Take a look at the other members of Chow.com’s Sandwich Hall of Shame >

My sandwich trauma stems from a childhood overrun with Wonderbread and  lunch meats of questionable provenance: liverwurst, bologna, spam, Vienna sausage. [Spam and Vienna sausage are magic with rice, though.]

Wham, Bam, Spam!
Attribution-NonCommercial-NoDerivs License by Kevin H.

Scarred by this kind of sandwich history, I find myself amazed at how I have come to frequent Meat & Bread, one of Gastown’s newest breed of minimalist, casual eatery.

Meat & Bread: storefront

The restaurant is exactly what it claims to be: a place with a small but stellar selection of meat and bread. You will find 4 sandwiches to pick from on any given day.

Meat & Bread: porchetta

Porchetta, $8. They pronounce it like “pork-etta”. Fattylicious roast pork chopped together with its juicy stuffings and topped with salsa verde. My favourite.

Meat & Bread: meatball sandwich

Meatball, $8. 3-5 giant, oozy, spicy rounds of pork drenched in housemade sambal. My husband’s favourite.

Meat & Bread: daily special

Daily Special, $8. Previous offerings have included jerk chicken, duck confit with blue cheese, and braised turkey leg. You can check out what is on feature that day by visiting their website before you arrive. I occasionally cheat on my porchetta with these temptations, and it is a constant battle at the counter between the tried-and-true and the I-can’t-believe-you-can-offer-that-in-a-sandwich.

Grilled Cheese, $7. Shaved onion and aged white cheddar melting goo between generously buttered toast. I ordered it once for my daughter but she kept stealing bites from my porchetta…so no photo, sorry.

Meat & Bread: maple bacon ice cream sandwich

They do veer off course to entice you with their single dessert item, which is simply labelled ice cream sandwich on their menu board. Don’t be fooled…this is a to-die-for concoction of maple & bacon ice cream, sandwiched between stroopwafel-like wafers that are similarly infused with piggy grease. If you haven’t tried this out yet, I suggest you split one of their regular sandwiches with a friend so you can have enough room in your belly for dessert.

Photo courtesy © Cathy Burrell of Cathy Eats

If you like their housemade mustard and sambal as much as we do, grab a jar off the shelf near the entrance and keep it in your fridge for sandwich emergencies. Extra handy when you take M&B fare to go and find, like we have, that the usual dollop of mustard present on your cutting board plate is unfortunately not something that can be easily transported.

Meat & Bread: Coca-Cola alternatives

There’s not much to dislike, but I have found a few minor areas for improvement:

  1. Stock Coca-Cola. The mom & pop colas are just not cutting it for me. I feel like a jerk for smuggling in my favourite carbonated bevvie from the pocket of my daughter’s diaper bag. [UPDATE: They now sell locally made Sip sodas–these herb-infused sparkling waters are a great fallback, but I still ask for less guilt and more Coke, pretty please.]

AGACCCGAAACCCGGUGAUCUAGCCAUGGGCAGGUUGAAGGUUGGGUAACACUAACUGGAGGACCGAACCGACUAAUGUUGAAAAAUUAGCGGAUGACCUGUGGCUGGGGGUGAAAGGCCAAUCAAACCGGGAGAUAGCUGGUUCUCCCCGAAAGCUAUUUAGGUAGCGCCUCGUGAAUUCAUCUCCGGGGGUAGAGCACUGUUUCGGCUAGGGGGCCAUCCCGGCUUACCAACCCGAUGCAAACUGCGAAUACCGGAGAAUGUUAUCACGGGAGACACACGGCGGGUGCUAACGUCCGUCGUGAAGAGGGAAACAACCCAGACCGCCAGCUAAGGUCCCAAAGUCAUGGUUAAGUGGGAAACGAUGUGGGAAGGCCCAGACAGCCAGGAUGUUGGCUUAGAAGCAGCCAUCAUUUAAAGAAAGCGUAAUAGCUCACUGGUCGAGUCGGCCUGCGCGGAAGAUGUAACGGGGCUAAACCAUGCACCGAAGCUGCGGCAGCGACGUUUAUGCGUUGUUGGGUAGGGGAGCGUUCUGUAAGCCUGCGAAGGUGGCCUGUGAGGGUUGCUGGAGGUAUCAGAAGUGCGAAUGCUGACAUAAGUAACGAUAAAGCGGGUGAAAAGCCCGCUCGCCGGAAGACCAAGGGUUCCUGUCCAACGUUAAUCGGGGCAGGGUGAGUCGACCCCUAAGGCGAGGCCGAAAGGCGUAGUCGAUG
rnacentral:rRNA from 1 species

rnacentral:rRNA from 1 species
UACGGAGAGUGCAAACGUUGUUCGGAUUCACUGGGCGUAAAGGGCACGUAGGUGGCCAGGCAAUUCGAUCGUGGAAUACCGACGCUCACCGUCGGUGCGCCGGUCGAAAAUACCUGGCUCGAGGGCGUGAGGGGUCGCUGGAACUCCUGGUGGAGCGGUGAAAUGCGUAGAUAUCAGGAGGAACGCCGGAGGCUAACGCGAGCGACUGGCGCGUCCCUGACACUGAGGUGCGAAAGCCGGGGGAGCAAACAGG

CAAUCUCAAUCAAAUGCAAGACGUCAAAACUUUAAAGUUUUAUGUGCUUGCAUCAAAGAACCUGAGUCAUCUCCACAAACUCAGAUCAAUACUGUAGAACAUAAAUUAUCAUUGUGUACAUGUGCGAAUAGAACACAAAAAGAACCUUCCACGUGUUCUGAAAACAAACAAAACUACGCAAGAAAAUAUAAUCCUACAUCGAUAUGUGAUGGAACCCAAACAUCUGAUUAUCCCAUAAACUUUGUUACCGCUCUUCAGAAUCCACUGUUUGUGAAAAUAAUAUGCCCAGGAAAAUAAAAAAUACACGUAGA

2. Be open for dinner. One diner came by at 5:05pm and was aghast to see that he was too late for a sandwich. He looked at my cousin, who was on her way out, and asked, “Nooo…?”. “Yes,” she replied sadly. “No! No,” he exclaimed. My cousin looked sympathetic. Up and shaking went his fist, and from his mouth came a wail straight out of a Star Trek epic: “NOOOOOOOOOO!!!!!!” I hope he got his sandwich fix the next day.
  3. Be open on Sundays. I need you guys 7 days a week!

Maybe I’ll see you at the Meat & Bread communal table one day soon.

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My recipe for Lumpiang Prito (pork and vegetable spring rolls)

Lumpiang prito

Lumpia is one of my favourite Filipino foods to eat in the summertime. There are several types of lumpia, ranging from the fresh lumpiang sariwa to the meat lover’s lumpiang Shanghai. I myself am partial to lumpiang prito, which typically comes in the format of vegetables (and optionally pork) stir-fried, stuffed, and deep-fried in large egg roll wrappers.

You can get creative with the vegetables you choose. Sometimes we put in potato matchsticks, diced water chestnuts, chopped celery, green beans sliced on the diagonal…but the recipe below is our standard base and the one that our guest prefer.

Ingredients

That's a lot of knife work

  • 3 large carrots, peeled and cut into 1″ matchsticks
  • 1 head of chinese cabbage, shredded
  • 600g of bean sprouts
  • 1 large onion, diced
  • 6 cloves garlic, minced
  • 1/4 cup soy sauce
  • 30 large egg roll (wonton) wrappers, thawed
  • Oil for frying (canola, grapeseed, sunflower)
  • 1 lb of ground pork

Directions

Lumpiang prito

  1. In a large wok, sweat garlic and onions over low heat until fragrant.
  2. Increase head to medium-high and sauté ground pork until meat is no longer pink.
  3. Add soy sauce to taste.
  4. Toss in carrots and stir-fry for at least  5 minutes or until slightly softened.
  5. Add shredded cabbage and stir-fry for at least 5 minutes or until colour perks up.
  6. Rinse and drain bean sprouts and add to wok, stirring until incorporated. Taste mixture and season with soy and/or fish sauce till you are satisfied with the flavour.
  7. Drain mixture of excess moisture and transfer to a storage container. Refrigerate until cool. This will be the filling for the lumpia.
  8. Wrap 1 tablespoon of cooled filling  in each egg roll wrapper. Place in a single layer on a large flat surface and let dry. If you are going to cook them right away, let them be; if you will keep them for later, store them in a single layer in the freezer until you’re ready to cook them up.